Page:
In Review: Buffy the Vampire Slayer: Season 11 #2

The government and the supernatural are heading for a showdown and Buffy Summers is right in the middle.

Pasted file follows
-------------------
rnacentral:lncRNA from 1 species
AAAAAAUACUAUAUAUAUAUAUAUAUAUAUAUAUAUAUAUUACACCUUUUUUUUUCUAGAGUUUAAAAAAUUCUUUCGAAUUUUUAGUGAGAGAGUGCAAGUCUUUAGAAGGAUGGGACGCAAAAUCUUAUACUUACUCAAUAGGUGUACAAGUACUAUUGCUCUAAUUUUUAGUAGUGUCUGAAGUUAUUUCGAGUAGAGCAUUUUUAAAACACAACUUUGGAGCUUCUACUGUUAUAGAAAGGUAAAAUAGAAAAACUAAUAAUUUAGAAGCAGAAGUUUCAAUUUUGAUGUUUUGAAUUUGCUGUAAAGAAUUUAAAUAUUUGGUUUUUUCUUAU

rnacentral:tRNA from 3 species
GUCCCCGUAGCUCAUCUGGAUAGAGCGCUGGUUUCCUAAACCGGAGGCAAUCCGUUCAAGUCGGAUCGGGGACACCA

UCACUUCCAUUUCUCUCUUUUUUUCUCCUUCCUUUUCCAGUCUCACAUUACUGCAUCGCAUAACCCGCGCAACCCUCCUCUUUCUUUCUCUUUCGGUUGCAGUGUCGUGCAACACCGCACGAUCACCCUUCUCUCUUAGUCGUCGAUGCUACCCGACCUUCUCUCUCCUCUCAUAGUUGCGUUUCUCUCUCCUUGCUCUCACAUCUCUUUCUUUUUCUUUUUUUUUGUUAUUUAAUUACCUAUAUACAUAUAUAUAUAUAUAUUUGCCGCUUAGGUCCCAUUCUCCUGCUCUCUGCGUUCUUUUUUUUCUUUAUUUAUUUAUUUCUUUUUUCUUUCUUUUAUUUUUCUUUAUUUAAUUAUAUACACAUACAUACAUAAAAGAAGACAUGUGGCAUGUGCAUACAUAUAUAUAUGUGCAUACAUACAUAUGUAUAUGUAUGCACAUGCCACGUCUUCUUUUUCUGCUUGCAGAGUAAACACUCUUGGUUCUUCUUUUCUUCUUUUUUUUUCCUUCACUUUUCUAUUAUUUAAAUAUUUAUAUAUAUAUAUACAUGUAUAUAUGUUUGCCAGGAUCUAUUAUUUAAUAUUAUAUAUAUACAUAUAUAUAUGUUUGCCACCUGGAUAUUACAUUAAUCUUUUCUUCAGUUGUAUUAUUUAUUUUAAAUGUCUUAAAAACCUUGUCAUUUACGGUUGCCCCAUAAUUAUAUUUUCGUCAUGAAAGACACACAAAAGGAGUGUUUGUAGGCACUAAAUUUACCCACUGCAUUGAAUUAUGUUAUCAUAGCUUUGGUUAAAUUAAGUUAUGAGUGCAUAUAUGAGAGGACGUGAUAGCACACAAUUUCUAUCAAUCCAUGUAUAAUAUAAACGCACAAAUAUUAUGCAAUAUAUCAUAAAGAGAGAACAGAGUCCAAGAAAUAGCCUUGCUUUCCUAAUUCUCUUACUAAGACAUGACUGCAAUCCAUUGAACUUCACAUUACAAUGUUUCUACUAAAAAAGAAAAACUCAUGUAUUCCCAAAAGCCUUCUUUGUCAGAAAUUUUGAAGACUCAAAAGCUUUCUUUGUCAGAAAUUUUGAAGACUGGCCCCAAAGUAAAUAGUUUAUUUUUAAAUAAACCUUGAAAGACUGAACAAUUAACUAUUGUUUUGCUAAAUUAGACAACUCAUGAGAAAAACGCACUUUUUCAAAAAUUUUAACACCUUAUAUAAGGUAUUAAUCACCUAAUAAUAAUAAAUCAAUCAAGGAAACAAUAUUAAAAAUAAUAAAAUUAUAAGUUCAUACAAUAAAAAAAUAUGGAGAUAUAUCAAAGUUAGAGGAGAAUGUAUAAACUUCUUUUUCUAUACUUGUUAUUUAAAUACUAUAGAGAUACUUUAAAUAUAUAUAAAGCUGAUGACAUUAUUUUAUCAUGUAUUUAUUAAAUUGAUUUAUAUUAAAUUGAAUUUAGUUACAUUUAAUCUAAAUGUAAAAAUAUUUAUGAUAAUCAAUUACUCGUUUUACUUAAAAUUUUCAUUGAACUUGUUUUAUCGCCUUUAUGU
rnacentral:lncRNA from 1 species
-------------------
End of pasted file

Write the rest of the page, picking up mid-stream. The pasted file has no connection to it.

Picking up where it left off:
The covers: Steve Morris is the artist of the Regular cover that shows Buffy shielding her eyes from the sun atop the Golden Gate bridge, while her BBF Willow hovers beside her. Both characters look like their television counterparts and I like how the location is teased with just a bit of the iconic cables showing. The clouds are very whimsical, not realistic at all, but looking perfectly at home in this image. The Variant cover is by Rebekah Isaacs, Dan Jackson, and Comicraft. This is an “Extra Scene” to the comic, taking place just before this issue begins. Dawn and Xander are donating blood, which is the responsible thing to do after the disaster that hit San Francisco last month. However, Xander’s not too happy at who’s getting the precious life fluids. Good joke from writer Christos Gage and excellent visuals. This cover demonstrates a necessity of the “new” world. This is the cover I had to purchase. Overall grades: Regular A and Variant A+